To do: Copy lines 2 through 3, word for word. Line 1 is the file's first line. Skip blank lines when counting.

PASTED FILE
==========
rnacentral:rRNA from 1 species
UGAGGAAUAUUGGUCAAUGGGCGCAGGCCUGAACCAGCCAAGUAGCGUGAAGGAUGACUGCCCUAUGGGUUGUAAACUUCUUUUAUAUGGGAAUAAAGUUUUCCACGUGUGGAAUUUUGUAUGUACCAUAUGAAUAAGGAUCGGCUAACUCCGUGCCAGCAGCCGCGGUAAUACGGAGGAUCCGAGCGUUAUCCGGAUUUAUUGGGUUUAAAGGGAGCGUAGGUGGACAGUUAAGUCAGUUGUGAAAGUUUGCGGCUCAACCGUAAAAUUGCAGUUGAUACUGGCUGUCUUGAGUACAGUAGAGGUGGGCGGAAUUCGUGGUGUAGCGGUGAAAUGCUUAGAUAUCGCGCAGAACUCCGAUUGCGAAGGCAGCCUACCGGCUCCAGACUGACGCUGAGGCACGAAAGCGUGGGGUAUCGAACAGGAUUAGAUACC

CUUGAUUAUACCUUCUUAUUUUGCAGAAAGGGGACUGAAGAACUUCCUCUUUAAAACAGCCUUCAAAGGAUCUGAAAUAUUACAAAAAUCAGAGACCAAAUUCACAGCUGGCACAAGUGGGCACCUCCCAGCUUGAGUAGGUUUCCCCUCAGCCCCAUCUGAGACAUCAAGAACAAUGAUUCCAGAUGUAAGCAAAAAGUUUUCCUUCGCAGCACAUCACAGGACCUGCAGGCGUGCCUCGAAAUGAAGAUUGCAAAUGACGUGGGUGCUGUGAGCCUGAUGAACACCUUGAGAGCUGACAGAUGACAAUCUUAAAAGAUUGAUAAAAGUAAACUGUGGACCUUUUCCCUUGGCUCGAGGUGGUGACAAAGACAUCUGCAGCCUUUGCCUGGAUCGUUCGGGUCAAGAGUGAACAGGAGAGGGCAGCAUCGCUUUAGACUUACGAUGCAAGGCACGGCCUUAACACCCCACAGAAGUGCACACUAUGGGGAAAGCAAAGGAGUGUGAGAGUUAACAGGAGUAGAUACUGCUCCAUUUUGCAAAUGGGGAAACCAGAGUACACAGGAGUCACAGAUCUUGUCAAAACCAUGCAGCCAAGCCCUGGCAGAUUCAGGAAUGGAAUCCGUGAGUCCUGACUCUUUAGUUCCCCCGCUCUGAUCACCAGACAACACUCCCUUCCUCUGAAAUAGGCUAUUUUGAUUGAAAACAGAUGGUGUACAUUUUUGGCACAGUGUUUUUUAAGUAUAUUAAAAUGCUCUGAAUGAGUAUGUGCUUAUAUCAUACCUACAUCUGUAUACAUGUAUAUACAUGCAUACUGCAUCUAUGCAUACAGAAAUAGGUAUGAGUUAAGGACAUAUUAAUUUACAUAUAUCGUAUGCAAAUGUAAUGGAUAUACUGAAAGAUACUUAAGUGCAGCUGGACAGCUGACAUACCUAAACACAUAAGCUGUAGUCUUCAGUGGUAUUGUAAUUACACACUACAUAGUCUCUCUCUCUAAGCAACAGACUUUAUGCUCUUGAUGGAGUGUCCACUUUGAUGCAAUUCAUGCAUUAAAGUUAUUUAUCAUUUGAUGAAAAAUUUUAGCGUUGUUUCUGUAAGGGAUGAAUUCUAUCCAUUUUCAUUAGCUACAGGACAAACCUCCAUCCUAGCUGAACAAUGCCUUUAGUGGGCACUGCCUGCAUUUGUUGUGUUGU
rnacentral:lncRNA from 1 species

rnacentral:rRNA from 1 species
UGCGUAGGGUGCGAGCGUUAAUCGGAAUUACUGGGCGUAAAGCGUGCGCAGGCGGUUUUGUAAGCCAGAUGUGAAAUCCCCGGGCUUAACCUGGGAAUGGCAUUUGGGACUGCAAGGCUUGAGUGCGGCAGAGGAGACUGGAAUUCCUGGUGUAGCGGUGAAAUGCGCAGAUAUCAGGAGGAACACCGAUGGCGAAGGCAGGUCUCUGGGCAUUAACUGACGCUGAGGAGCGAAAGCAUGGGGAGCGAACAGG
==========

UGAGGAAUAUUGGUCAAUGGGCGCAGGCCUGAACCAGCCAAGUAGCGUGAAGGAUGACUGCCCUAUGGGUUGUAAACUUCUUUUAUAUGGGAAUAAAGUUUUCCACGUGUGGAAUUUUGUAUGUACCAUAUGAAUAAGGAUCGGCUAACUCCGUGCCAGCAGCCGCGGUAAUACGGAGGAUCCGAGCGUUAUCCGGAUUUAUUGGGUUUAAAGGGAGCGUAGGUGGACAGUUAAGUCAGUUGUGAAAGUUUGCGGCUCAACCGUAAAAUUGCAGUUGAUACUGGCUGUCUUGAGUACAGUAGAGGUGGGCGGAAUUCGUGGUGUAGCGGUGAAAUGCUUAGAUAUCGCGCAGAACUCCGAUUGCGAAGGCAGCCUACCGGCUCCAGACUGACGCUGAGGCACGAAAGCGUGGGGUAUCGAACAGGAUUAGAUACC

CUUGAUUAUACCUUCUUAUUUUGCAGAAAGGGGACUGAAGAACUUCCUCUUUAAAACAGCCUUCAAAGGAUCUGAAAUAUUACAAAAAUCAGAGACCAAAUUCACAGCUGGCACAAGUGGGCACCUCCCAGCUUGAGUAGGUUUCCCCUCAGCCCCAUCUGAGACAUCAAGAACAAUGAUUCCAGAUGUAAGCAAAAAGUUUUCCUUCGCAGCACAUCACAGGACCUGCAGGCGUGCCUCGAAAUGAAGAUUGCAAAUGACGUGGGUGCUGUGAGCCUGAUGAACACCUUGAGAGCUGACAGAUGACAAUCUUAAAAGAUUGAUAAAAGUAAACUGUGGACCUUUUCCCUUGGCUCGAGGUGGUGACAAAGACAUCUGCAGCCUUUGCCUGGAUCGUUCGGGUCAAGAGUGAACAGGAGAGGGCAGCAUCGCUUUAGACUUACGAUGCAAGGCACGGCCUUAACACCCCACAGAAGUGCACACUAUGGGGAAAGCAAAGGAGUGUGAGAGUUAACAGGAGUAGAUACUGCUCCAUUUUGCAAAUGGGGAAACCAGAGUACACAGGAGUCACAGAUCUUGUCAAAACCAUGCAGCCAAGCCCUGGCAGAUUCAGGAAUGGAAUCCGUGAGUCCUGACUCUUUAGUUCCCCCGCUCUGAUCACCAGACAACACUCCCUUCCUCUGAAAUAGGCUAUUUUGAUUGAAAACAGAUGGUGUACAUUUUUGGCACAGUGUUUUUUAAGUAUAUUAAAAUGCUCUGAAUGAGUAUGUGCUUAUAUCAUACCUACAUCUGUAUACAUGUAUAUACAUGCAUACUGCAUCUAUGCAUACAGAAAUAGGUAUGAGUUAAGGACAUAUUAAUUUACAUAUAUCGUAUGCAAAUGUAAUGGAUAUACUGAAAGAUACUUAAGUGCAGCUGGACAGCUGACAUACCUAAACACAUAAGCUGUAGUCUUCAGUGGUAUUGUAAUUACACACUACAUAGUCUCUCUCUCUAAGCAACAGACUUUAUGCUCUUGAUGGAGUGUCCACUUUGAUGCAAUUCAUGCAUUAAAGUUAUUUAUCAUUUGAUGAAAAAUUUUAGCGUUGUUUCUGUAAGGGAUGAAUUCUAUCCAUUUUCAUUAGCUACAGGACAAACCUCCAUCCUAGCUGAACAAUGCCUUUAGUGGGCACUGCCUGCAUUUGUUGUGUUGU